Tents tear, lantern mantles fade, zippers fall off track. Overcoming these and other backcountry breakdowns requires you to be equal measures seamstress and handyman. With a well-stocked repair kit and the skills to fix anything (in this case a faulty zipper), you’ll be well armed to survive and thrive in the woods.
Step 1:** Most of the time, a zipper that separates or won’t close can be blamed on the broken or worn slider. This can often be fixed by gently squeezing together the bottom of the slider’s wings with pliers. Crimp the top and bottom halves on both sides together slightly, testing the zipper before crimping again. If this doesn’t fix the problem, you’ll have to install a replacement.
Step 2: Remove the defective slider by using pliers to carefully pull off the metal or plastic stop at the bottom of the zipper. A closed-end zipper–meaning one sewn together at the bottom–will have to be opened by removing the stitching. Be careful not to tear the zipper tape. Now you can slip the broken slider off the bottom of the zipper.
Step 3:** Match the size and style of the new slider to the old one. Slide the wide end onto each side of the zipper, making sure the slider is upright and facing outward. Slowly push the slider upward so each side of the zipper is even with the other; continue until several rows of teeth are locked together below the slider. Hold both sides of the zipper together and slowly work the zipper up and down to ensure that the zipper is even and there is no buckling.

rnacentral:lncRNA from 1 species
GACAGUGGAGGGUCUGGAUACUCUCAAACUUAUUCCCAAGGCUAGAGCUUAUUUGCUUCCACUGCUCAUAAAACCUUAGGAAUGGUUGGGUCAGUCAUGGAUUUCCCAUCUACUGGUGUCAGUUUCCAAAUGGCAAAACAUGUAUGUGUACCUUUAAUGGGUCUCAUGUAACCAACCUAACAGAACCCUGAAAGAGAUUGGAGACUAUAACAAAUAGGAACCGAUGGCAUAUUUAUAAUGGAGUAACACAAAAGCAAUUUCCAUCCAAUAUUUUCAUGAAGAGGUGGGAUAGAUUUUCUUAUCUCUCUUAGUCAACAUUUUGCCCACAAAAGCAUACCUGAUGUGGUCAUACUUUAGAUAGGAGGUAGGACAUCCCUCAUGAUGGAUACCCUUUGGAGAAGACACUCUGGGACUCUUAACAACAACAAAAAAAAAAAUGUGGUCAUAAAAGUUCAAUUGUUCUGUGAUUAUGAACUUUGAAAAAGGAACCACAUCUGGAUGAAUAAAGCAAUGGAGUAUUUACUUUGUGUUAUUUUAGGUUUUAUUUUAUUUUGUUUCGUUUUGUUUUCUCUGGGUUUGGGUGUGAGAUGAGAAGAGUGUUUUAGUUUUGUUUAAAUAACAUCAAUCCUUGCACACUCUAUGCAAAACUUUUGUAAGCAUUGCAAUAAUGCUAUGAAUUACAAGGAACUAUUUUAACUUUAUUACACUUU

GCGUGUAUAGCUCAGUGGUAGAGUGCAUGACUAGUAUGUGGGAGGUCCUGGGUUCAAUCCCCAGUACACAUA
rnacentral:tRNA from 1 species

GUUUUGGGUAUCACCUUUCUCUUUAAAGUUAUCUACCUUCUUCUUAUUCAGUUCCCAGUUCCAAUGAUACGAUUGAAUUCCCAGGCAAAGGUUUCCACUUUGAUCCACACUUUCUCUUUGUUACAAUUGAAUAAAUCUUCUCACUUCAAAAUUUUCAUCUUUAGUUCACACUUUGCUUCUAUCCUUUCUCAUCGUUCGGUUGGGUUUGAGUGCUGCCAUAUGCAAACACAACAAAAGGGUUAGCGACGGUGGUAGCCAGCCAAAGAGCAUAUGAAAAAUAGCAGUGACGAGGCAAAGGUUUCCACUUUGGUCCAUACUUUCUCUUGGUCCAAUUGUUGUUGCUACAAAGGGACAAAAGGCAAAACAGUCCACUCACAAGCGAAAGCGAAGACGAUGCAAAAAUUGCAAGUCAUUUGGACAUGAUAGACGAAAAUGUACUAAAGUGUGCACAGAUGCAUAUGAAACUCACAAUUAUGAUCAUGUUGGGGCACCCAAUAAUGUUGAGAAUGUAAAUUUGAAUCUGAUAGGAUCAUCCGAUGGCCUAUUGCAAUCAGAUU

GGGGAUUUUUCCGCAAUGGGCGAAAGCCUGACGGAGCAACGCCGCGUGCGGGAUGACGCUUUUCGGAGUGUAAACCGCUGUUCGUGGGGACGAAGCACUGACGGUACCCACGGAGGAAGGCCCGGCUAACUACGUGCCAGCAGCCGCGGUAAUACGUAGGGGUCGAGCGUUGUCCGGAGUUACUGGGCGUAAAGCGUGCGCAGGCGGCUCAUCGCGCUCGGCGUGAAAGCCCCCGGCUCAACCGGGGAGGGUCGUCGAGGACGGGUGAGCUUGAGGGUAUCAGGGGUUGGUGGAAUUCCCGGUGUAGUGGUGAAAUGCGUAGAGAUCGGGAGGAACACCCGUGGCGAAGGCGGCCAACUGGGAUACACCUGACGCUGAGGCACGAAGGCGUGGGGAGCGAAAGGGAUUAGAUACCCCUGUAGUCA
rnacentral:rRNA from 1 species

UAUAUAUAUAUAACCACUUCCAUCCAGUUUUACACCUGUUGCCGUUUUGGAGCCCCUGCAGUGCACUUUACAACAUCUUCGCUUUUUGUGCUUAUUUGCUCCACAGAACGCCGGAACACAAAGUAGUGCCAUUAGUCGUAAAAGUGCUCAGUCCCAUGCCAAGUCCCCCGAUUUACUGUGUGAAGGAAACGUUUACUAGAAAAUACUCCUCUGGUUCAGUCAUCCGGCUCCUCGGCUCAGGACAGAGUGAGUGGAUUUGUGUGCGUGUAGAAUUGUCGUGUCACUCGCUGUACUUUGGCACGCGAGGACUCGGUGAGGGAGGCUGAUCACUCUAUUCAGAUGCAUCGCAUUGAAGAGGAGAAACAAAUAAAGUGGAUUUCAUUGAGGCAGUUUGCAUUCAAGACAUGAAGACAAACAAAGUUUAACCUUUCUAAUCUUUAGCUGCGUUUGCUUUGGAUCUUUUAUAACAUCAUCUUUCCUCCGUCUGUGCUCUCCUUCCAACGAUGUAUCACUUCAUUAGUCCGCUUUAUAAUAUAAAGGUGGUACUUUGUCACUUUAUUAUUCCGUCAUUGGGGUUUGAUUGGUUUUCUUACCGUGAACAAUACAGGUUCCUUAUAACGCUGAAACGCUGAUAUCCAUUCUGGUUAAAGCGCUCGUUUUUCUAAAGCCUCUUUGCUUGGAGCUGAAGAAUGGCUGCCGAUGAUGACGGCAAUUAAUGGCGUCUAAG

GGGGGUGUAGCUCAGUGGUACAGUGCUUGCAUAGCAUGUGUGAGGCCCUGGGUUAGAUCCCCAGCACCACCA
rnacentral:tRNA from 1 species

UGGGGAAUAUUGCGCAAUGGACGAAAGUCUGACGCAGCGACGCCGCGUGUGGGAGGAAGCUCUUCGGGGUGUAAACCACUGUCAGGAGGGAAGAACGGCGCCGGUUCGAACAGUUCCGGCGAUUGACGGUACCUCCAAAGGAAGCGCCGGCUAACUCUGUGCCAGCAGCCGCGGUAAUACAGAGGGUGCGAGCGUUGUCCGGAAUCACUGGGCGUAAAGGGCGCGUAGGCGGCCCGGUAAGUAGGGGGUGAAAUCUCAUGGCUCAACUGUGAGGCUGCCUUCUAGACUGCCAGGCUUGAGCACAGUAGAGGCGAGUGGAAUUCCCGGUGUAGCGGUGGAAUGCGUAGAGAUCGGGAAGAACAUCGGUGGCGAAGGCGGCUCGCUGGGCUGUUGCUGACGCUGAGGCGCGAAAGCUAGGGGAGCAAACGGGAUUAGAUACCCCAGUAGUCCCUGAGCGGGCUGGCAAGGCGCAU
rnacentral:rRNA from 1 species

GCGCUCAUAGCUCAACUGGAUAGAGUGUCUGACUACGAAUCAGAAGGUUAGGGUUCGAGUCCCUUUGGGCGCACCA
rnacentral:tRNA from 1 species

Step 4:** Replace the stop at the bottom of the zipper with a new one, or sew a makeshift stop in place of the metal or plastic version. To do this, thread a needle with 18 inches of all-purpose thread and tie the ends together with an overhand knot. Stitch several loops through the zipper tape between the bottom two teeth until you’ve built up enough thread to stop the slider on its downward pass. If repairing a closed-end zipper, don’t forget to stitch the zipper back into the fabric.
• Patch kit
• Speedy Stitcher
• Replacement zippers
• Replacement mantles
• 1-inch webbing
• Parachute cord
• Pole splicer
• Seam sealer
• Safety pins
• Cable ties
• Duct tape
• Stove/lantern repair parts
• Cord locks
• Shoe Goo
• Nikwax waterproofer
• Shock cord
• Sewing kit
• Replace broken backpack hardware.
• Seal a leaky tent seam.
• Repair a faulty lantern or stove.
• Stitch up a torn tent.
• Splint a broken tent pole.
• Replace lantern mantles.
• Glue a loose sole on your hiking boots.
• Tape up a hole in your sleeping bag.
• Renew the water-repellent finish on your rainwear.
• Replace tent pole shock cord.
• Weatherproof your boots.
• Repair torn mosquito screen.
• Seal a hole in a flat sleeping pad.